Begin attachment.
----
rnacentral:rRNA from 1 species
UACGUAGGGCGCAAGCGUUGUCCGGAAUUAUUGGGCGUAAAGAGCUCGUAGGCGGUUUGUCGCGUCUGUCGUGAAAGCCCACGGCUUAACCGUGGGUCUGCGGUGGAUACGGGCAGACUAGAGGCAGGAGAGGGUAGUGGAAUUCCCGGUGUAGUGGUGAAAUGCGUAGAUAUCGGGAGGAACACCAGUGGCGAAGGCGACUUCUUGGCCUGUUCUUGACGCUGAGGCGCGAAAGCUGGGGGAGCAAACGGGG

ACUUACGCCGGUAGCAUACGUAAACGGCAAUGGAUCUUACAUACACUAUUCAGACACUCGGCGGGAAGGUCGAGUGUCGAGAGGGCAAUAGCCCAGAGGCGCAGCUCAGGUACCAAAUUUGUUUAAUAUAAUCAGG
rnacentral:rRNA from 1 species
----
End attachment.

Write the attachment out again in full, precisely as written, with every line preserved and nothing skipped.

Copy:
rnacentral:rRNA from 1 species
UACGUAGGGCGCAAGCGUUGUCCGGAAUUAUUGGGCGUAAAGAGCUCGUAGGCGGUUUGUCGCGUCUGUCGUGAAAGCCCACGGCUUAACCGUGGGUCUGCGGUGGAUACGGGCAGACUAGAGGCAGGAGAGGGUAGUGGAAUUCCCGGUGUAGUGGUGAAAUGCGUAGAUAUCGGGAGGAACACCAGUGGCGAAGGCGACUUCUUGGCCUGUUCUUGACGCUGAGGCGCGAAAGCUGGGGGAGCAAACGGGG

ACUUACGCCGGUAGCAUACGUAAACGGCAAUGGAUCUUACAUACACUAUUCAGACACUCGGCGGGAAGGUCGAGUGUCGAGAGGGCAAUAGCCCAGAGGCGCAGCUCAGGUACCAAAUUUGUUUAAUAUAAUCAGG
rnacentral:rRNA from 1 species